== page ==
# June 7, 2013 at 7:57 pm

    > If it’s following a trend rather than addressing the project requirements, yes.

    Well, I think that goes without saying. But even if the requirements are met, every site I’ve ever come across have used a trend in one way or another. Even yours.

    > Ahh, so minimalism is the best design solution for all projects?

    Those are your words, not mine.

    # June 7, 2013 at 8:02 pm

    >every site I’ve ever come across have used a trend in one way or another. Even yours.

    But all my designs don’t follow the same/similar trend. Unfortunately there are some designers who’s designs do.

    >Those are your words, not mine.

    Seemed more like yours:

    me: it should address the client’s requirements and needs.

    you: That’s what minimalism is supposed to be about.

    Basically this whole thread is about the OP explaining what the client is after, and a whole bunch of responses saying that the client is wrong, rather than providing suggestions on how to incorporate the client’s preferences into an improved solution.

    # June 7, 2013 at 8:22 pm

    > But all my designs don’t follow the same/similar trend.

    I have to say, your position doesn’t seem to be quite clear. Following the latest trend is wrong but following various is right?

    > me: it should address the client’s requirements and needs.
    you: That’s what minimalism is supposed to be about.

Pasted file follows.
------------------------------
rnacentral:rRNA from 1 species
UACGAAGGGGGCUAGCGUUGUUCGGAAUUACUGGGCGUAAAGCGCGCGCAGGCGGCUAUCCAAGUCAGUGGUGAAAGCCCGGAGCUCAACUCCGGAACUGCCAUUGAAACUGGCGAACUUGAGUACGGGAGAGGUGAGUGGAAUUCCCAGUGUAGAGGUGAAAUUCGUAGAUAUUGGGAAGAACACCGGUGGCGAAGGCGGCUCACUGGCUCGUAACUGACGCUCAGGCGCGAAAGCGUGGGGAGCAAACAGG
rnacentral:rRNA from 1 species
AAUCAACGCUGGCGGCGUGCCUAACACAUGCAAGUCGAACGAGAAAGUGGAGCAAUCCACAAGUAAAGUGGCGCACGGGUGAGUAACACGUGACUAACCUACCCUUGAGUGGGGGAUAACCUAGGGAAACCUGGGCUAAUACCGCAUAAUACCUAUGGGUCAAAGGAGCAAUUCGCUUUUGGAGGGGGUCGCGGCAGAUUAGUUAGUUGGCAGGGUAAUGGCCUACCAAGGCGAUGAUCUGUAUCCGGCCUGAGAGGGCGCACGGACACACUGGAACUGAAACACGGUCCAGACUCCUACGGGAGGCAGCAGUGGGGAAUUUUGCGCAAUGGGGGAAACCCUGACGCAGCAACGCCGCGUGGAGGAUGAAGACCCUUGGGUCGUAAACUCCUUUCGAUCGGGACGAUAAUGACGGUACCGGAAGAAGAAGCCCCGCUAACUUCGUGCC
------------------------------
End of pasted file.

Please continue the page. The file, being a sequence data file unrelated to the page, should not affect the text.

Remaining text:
You misunderstood and *I think* you have this misconception that minimalism is boring or lacks design, at least from the way I interpreted your writing. Minimalism is about the core information and leaving out the distractions.

    # June 7, 2013 at 8:32 pm

    >Following the latest trend is wrong but following various is right?

    Your words not mine. I never sort to follow any trend with any design I’ve done, hence why I think they’re of varied styles. I let the client & audience requirements guide the style of site I design, as most decent designers I know do.

    >I think you have this misconception that minimalism is boring or lacks design

    Incorrect. Minimalism has it’s place when appropriate, as other styles do in the appropriate circumstances.

    # June 7, 2013 at 9:38 pm

    > I never sort to follow any trend with any design I’ve done

    But the work that is displayed on your site shows otherwise (including your old website). And this is why I become confused to your opinion. Your initial comment was describing unfavorably how every other site is minimal in regards to design. But your own site is designed that way.

    > I let the client & audience requirements guide the style of site I design, as most decent designers I know do.

    That certainly sounds great in writing.

    > Minimalism has it’s place when appropriate, as other styles do in the appropriate circumstances.